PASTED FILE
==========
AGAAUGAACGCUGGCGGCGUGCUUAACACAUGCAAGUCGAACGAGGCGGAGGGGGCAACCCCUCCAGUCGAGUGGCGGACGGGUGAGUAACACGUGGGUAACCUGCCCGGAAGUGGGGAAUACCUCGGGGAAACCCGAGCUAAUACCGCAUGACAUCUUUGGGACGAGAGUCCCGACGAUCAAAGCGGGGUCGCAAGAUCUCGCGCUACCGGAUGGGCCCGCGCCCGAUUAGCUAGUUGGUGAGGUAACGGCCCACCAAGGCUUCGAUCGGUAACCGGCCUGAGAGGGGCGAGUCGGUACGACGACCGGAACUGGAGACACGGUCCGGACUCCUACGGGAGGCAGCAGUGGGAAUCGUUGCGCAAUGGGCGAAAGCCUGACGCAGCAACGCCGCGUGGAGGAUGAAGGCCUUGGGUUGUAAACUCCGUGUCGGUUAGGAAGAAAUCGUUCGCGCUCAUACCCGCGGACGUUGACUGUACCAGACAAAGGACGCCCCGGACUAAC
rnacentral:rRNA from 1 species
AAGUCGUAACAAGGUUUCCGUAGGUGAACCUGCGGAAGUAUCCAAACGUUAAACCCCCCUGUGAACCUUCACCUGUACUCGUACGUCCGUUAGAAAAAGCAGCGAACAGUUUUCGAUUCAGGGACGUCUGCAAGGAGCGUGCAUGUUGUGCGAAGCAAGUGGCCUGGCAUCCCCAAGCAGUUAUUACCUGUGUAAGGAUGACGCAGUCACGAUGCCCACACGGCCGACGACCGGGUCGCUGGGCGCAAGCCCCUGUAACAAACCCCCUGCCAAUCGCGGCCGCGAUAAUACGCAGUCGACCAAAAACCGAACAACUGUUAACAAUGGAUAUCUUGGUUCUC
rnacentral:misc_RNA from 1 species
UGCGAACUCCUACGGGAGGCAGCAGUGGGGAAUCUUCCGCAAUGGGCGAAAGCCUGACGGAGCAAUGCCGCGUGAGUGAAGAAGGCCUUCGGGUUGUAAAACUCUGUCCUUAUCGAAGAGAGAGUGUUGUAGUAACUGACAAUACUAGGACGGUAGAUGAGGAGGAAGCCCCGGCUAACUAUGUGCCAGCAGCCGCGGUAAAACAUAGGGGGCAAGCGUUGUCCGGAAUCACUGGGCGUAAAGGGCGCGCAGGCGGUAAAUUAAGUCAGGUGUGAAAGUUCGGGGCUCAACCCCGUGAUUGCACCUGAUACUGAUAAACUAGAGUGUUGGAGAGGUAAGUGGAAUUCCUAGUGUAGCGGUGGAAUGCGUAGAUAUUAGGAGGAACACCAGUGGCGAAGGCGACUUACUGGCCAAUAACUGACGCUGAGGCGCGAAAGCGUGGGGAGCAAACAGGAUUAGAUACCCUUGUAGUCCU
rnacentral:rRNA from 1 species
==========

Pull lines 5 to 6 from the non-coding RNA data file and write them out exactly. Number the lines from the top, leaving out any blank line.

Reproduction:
UGCGAACUCCUACGGGAGGCAGCAGUGGGGAAUCUUCCGCAAUGGGCGAAAGCCUGACGGAGCAAUGCCGCGUGAGUGAAGAAGGCCUUCGGGUUGUAAAACUCUGUCCUUAUCGAAGAGAGAGUGUUGUAGUAACUGACAAUACUAGGACGGUAGAUGAGGAGGAAGCCCCGGCUAACUAUGUGCCAGCAGCCGCGGUAAAACAUAGGGGGCAAGCGUUGUCCGGAAUCACUGGGCGUAAAGGGCGCGCAGGCGGUAAAUUAAGUCAGGUGUGAAAGUUCGGGGCUCAACCCCGUGAUUGCACCUGAUACUGAUAAACUAGAGUGUUGGAGAGGUAAGUGGAAUUCCUAGUGUAGCGGUGGAAUGCGUAGAUAUUAGGAGGAACACCAGUGGCGAAGGCGACUUACUGGCCAAUAACUGACGCUGAGGCGCGAAAGCGUGGGGAGCAAACAGGAUUAGAUACCCUUGUAGUCCU
rnacentral:rRNA from 1 species